Why Fantasy?

“Is this written for children?” Authors of fantasy, myself included, often hear this question.

The answer is, well, no.  Yes.  Maybe.

Both C.S. Lewis and J.R.R. Tolkien pointed out that although fairy tales and myths have in our culture been relegated to “children’s literature,” for most of human history, they were the vehicles for teaching spiritual and moral precepts to every age.  At their best, fantasies are  tales of the spiritual journey, part myth, part fairy tale, that invite us to set aside our preoccupation with material phenomena as the only reality.

“Faerie” (as Tolkien called it) and myth take us to alternate worlds similar to ours but permeated by a numinous quality, a kind of mystery.  They touch us in a way that the “real” world of everyday cannot.  While the protagonists may seem familiar and homespun like us, they inhabit worlds that are intriguingly fuller and richer than our own.  Entering these worlds through story opens up in us our natural human longing for the numinous in our daily lives.  We sense that there is a transcendent world that interpenetrates our own and gives us a deepened joy in life and all it means.

The longing for, and awareness of, the numinous around us are what Lewis called “the religious imagination.”  It is our “faith-muscle,” the faculty in us that allows us to apprehend transcendent reality.   It seems to me, as both Lewis and Tolkien worried, that we who live within a materialist worldview are losing our ability to appreciate such stories.   In fact, they feared that this worldview is eroding our ability to recognize transcendence, and that as a result we are losing our awareness of  spiritual realities, and even the ability to believe in God.

So – are such stories for children?

Well, no.  And yes.  They are written for the child in us, to remind us that, yes, we do live in an enchanted, as well as material, world.  That world is all around us, and it is within us, always waiting to be explored.

 

Key Words:  fantasy, transcendence, C.S. Lewis, J.R.R. Tolkien, story, materialist worldview, numinous, myth, fairy tale

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7 Responses to Why Fantasy?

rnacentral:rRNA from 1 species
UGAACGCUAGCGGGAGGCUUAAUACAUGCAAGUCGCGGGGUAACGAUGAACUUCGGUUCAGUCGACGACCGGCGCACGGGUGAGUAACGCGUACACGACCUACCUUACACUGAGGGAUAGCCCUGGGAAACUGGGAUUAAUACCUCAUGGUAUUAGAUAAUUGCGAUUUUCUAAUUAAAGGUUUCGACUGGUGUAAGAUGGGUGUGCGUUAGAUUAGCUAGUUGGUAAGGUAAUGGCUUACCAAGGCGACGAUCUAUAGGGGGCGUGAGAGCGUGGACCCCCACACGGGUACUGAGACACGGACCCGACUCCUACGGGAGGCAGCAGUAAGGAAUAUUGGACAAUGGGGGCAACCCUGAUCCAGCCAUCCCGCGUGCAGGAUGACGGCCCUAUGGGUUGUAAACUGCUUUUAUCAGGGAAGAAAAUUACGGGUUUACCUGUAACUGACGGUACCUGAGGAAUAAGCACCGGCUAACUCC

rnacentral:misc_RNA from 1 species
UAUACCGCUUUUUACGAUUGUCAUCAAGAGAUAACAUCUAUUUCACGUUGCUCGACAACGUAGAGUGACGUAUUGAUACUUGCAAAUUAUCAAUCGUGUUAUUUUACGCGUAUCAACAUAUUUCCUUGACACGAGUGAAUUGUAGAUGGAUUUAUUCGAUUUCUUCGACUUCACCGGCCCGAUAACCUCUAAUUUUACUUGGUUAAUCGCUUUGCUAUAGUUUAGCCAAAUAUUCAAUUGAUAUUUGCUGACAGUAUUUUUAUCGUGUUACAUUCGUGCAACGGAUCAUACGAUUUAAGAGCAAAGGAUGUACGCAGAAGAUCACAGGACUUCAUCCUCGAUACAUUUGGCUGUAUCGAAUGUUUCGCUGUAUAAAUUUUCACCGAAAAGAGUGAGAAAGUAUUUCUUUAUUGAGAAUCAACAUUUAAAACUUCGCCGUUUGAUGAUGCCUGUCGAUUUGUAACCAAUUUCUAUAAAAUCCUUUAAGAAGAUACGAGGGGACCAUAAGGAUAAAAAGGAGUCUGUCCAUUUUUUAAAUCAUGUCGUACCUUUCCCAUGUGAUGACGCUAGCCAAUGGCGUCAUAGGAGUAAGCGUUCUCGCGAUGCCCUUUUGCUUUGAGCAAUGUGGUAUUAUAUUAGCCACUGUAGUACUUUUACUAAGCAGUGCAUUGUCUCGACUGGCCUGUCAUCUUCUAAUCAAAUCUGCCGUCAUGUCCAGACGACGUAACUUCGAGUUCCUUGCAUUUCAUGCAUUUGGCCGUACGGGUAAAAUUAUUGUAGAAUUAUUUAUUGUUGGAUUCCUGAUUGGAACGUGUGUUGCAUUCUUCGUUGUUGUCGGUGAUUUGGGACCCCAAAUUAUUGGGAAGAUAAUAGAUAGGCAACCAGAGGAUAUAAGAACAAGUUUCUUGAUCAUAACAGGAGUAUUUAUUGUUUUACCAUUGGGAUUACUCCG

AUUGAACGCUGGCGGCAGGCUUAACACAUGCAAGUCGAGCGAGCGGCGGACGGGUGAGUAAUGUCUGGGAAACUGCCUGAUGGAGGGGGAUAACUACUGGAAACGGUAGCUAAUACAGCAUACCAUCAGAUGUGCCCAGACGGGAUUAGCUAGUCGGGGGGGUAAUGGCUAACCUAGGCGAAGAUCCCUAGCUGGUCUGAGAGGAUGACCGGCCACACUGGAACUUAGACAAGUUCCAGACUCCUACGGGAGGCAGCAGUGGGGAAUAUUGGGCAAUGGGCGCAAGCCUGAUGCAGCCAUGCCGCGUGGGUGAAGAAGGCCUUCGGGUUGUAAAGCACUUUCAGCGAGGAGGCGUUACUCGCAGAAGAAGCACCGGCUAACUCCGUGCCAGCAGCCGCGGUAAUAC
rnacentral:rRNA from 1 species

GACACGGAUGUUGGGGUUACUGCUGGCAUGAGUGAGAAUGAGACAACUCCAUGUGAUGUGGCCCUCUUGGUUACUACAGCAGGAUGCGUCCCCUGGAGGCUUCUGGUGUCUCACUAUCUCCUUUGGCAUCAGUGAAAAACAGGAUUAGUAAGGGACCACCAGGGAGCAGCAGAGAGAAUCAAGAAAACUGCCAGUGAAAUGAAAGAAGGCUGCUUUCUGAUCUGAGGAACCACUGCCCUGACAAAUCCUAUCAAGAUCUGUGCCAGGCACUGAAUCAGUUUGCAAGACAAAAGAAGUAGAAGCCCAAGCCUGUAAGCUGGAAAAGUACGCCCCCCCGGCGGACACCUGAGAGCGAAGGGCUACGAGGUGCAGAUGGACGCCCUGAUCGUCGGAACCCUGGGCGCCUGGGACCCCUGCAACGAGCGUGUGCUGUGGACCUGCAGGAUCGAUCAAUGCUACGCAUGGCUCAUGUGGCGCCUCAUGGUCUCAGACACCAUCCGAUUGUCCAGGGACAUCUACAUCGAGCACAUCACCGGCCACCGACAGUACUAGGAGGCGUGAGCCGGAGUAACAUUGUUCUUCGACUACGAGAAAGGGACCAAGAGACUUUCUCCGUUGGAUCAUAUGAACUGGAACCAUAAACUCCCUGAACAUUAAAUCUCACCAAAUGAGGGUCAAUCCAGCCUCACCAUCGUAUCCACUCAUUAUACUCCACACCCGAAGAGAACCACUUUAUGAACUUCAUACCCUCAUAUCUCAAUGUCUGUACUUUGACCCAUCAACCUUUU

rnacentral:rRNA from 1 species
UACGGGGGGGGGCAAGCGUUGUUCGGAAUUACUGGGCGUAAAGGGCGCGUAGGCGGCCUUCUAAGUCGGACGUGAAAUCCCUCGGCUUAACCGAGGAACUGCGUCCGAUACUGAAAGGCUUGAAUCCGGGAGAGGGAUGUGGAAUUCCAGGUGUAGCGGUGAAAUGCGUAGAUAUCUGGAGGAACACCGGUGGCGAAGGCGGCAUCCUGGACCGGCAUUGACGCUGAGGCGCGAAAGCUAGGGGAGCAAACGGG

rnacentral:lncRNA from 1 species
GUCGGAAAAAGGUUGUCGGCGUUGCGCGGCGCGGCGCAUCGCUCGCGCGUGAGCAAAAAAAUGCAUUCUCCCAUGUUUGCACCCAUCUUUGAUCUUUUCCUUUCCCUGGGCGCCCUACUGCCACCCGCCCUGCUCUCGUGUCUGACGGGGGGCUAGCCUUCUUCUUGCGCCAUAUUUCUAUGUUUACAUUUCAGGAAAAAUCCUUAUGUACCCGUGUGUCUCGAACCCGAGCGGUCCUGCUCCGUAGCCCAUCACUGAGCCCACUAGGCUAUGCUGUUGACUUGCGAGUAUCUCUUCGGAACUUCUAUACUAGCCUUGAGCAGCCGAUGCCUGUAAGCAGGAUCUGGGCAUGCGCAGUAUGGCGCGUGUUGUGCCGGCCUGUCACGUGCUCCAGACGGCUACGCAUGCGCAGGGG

1. frthomas says:

    The deep magic of the “third place.” The “both/and” instead of the “either/or.”

  2. Susan says:

    Yes. I am hesitant to use the word, magic, because of all the Harry Potter brouhaha, but I think when you say, “deep magic,” it resonates within us as something we instinctively know is real and true, and cannot be controlled by ourselves or used for our own ends; rather, it comes from beyond the reach of.our own faculties as pure gift.

  3. frthomas says:

    I used the term “deep magic” intentionally rather than just “magic” for that very reason. Here is the quote in which “deep magic” is used by Lewis.

    “But what does it all mean?” asked Susan when they were somewhat calmer.
    “It means,” said Aslan, “that though the Witch knew the Deep Magic, there is a magic deeper still which she did not know. Her knowledge goes back only to the dawn of Time. But if she could have looked a little further back, into the stillness and the darkness before Time dawned, she would have read there a different incantation. She would have known that when a willing victim who had committed no treachery was killed in a traitor’s stead, the Table would crack and Death itself would start working backwards.”

  4. Susan says:

    Ah, C.S. Lewis! Thank you for the quote, and for the descriptive phrase, which I will now be able to use.

  5. frthomas says:

    It must be noted, in light of current world events, that both C.S. Lewis and J.R.R. Tolkien used fantasy to depict the “deep” reality of evil. This is especially true of Tolkien. His portrayal, albeit in the context of myth and fantasy, clearly and profoundly articulates the conviction that evil is not a myth or fantasy.

  6. frthomas says:

    More precisely, it is because Tolkien uses the genre of myth and fantasy that his portrayal of (d)evil as real in our everyday world is so deeply convincing.

  7. Susan says:

    Yes. Still, nothing convinces like an earthquake. It calls into question all the goodnesses of daily life.. It adds to a growing sense of dread. We all go on, distracted by the thousand comforting details of our life.

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